Michigan joins national debate over the best way to measure school performance
- In Michigan, as in other parts of the nation, state education officials and lawmakers are debating the best way to provide information to parents and the public about schools, with some favoring an assigned letter grade similar to those given to students and others favoring a 1-100 index of school quality, Chalkbeat reports.
- The state recently unveiled a “parent dashboard” for schools but for now, is planning to add an index of school quality that will assign each school a number ranging from 1 to 100 based on seven factors including test scores, graduation rates, availability of extracurricular activities, and proficiency rates for English learners.
- However, many Republican lawmakers argue that the index is too complex and that an A-F grading system measuring six aspects of the school is easier for parents to understand.
The current focus on measuring school performance has many educators and lawmakers debating the value and impact of different performance measures. Some people are concerned that the emphasis on performance measures is tempting administrators to participate in or, at least condone, unethical practices such as in the Atlanta cheating scandal and the D.C. graduation scandal. However, educators and lawmakers need some way to measure how well a school is doing, what support it needs, and whether it is moving in the right direction. Just as teachers use assessments to determine how well a student is performing, states also need some way to measure school performance. The nature of that measure is clearly up for debate.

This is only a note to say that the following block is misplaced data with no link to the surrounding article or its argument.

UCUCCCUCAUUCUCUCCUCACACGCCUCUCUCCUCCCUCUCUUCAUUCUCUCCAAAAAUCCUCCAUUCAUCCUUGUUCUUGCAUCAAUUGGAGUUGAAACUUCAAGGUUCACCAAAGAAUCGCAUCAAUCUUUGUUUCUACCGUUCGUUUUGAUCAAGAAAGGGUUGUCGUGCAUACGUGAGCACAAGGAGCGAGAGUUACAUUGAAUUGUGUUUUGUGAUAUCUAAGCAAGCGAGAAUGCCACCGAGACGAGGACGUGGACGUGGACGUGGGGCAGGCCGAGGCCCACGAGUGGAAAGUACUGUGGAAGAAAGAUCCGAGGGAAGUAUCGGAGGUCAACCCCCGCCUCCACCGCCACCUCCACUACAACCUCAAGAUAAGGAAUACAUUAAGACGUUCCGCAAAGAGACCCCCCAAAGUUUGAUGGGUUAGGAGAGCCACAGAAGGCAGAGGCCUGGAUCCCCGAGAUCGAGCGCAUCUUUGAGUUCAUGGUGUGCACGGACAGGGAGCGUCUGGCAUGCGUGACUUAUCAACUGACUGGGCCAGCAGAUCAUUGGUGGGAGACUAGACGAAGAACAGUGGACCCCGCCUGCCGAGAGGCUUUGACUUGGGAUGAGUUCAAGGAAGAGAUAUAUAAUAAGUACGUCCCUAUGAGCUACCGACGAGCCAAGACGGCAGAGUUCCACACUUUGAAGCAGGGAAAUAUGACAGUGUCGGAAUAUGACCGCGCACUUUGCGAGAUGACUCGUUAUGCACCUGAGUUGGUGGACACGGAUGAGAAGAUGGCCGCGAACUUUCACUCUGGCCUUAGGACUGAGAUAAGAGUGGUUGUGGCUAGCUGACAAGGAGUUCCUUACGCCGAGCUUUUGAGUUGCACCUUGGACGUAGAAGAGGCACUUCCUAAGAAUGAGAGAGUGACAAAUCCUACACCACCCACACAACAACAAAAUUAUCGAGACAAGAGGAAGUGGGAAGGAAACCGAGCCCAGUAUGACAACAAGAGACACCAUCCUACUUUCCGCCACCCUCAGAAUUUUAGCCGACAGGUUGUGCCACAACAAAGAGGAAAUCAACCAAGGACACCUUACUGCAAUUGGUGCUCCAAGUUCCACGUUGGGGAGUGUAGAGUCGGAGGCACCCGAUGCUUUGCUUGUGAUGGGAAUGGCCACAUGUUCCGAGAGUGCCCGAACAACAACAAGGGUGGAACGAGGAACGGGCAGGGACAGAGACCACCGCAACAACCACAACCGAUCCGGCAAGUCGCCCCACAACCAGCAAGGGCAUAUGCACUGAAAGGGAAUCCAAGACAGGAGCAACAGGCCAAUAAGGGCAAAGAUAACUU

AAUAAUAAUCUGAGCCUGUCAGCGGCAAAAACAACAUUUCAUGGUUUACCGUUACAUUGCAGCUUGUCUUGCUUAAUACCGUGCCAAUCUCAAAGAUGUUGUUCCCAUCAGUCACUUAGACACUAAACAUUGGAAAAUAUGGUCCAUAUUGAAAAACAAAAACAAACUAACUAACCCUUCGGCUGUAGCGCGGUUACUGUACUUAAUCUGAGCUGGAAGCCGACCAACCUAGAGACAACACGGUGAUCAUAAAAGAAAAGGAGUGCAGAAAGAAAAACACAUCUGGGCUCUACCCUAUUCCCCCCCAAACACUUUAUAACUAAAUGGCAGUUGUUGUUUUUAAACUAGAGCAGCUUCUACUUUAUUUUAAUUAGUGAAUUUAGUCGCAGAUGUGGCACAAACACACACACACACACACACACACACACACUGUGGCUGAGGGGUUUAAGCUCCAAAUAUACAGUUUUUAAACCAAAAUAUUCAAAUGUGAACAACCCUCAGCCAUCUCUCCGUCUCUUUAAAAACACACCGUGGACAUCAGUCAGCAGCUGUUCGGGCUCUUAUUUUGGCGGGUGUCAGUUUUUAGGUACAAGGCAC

Parents also need ways to judge schools, especially as school choice options increase. However, test scores are not always the most important measure in a parent’s mind. Other factors such as location and ease of access play a role. Student needs and interests also are a factor. For instance, a student athlete, musician, artist or STEM enthusiast will gravitate to schools strongest in those areas. And English learners and parents of students with special needs will have different priorities in mind. For most parents, school safety and climate are primary concerns, especially in the wake of recent school tragedies.
That is why the dashboards used in many states such as California and North Carolina are gaining in popularity. These dashboards provide a wide variety of information about school achievement and culture and help parents make better informed decisions. While lawmakers need to craft solutions that allow schools to provide multiple measures of information that reflect the school as a whole, administrators also need to be fair and accurate in portraying what is best about their schools and what still needs improvement.